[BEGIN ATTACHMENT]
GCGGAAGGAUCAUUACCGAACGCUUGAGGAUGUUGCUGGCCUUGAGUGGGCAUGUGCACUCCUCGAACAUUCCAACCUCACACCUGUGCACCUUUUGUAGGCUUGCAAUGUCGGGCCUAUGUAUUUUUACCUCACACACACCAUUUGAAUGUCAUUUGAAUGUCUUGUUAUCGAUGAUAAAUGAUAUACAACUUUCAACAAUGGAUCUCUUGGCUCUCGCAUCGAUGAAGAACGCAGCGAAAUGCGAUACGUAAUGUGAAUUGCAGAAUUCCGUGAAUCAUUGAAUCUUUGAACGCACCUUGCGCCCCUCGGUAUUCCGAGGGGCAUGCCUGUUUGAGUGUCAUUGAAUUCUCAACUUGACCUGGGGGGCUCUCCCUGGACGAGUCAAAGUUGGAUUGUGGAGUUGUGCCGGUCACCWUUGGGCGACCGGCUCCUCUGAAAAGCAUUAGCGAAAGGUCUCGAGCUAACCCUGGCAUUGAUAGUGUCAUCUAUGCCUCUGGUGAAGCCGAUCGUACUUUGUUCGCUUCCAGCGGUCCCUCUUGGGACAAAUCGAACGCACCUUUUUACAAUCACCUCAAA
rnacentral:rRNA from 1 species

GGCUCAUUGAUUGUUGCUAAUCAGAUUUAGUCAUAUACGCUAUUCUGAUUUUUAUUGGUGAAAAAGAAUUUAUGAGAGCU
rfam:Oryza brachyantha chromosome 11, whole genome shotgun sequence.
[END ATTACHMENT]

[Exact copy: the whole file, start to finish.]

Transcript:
GCGGAAGGAUCAUUACCGAACGCUUGAGGAUGUUGCUGGCCUUGAGUGGGCAUGUGCACUCCUCGAACAUUCCAACCUCACACCUGUGCACCUUUUGUAGGCUUGCAAUGUCGGGCCUAUGUAUUUUUACCUCACACACACCAUUUGAAUGUCAUUUGAAUGUCUUGUUAUCGAUGAUAAAUGAUAUACAACUUUCAACAAUGGAUCUCUUGGCUCUCGCAUCGAUGAAGAACGCAGCGAAAUGCGAUACGUAAUGUGAAUUGCAGAAUUCCGUGAAUCAUUGAAUCUUUGAACGCACCUUGCGCCCCUCGGUAUUCCGAGGGGCAUGCCUGUUUGAGUGUCAUUGAAUUCUCAACUUGACCUGGGGGGCUCUCCCUGGACGAGUCAAAGUUGGAUUGUGGAGUUGUGCCGGUCACCWUUGGGCGACCGGCUCCUCUGAAAAGCAUUAGCGAAAGGUCUCGAGCUAACCCUGGCAUUGAUAGUGUCAUCUAUGCCUCUGGUGAAGCCGAUCGUACUUUGUUCGCUUCCAGCGGUCCCUCUUGGGACAAAUCGAACGCACCUUUUUACAAUCACCUCAAA
rnacentral:rRNA from 1 species

GGCUCAUUGAUUGUUGCUAAUCAGAUUUAGUCAUAUACGCUAUUCUGAUUUUUAUUGGUGAAAAAGAAUUUAUGAGAGCU
rfam:Oryza brachyantha chromosome 11, whole genome shotgun sequence.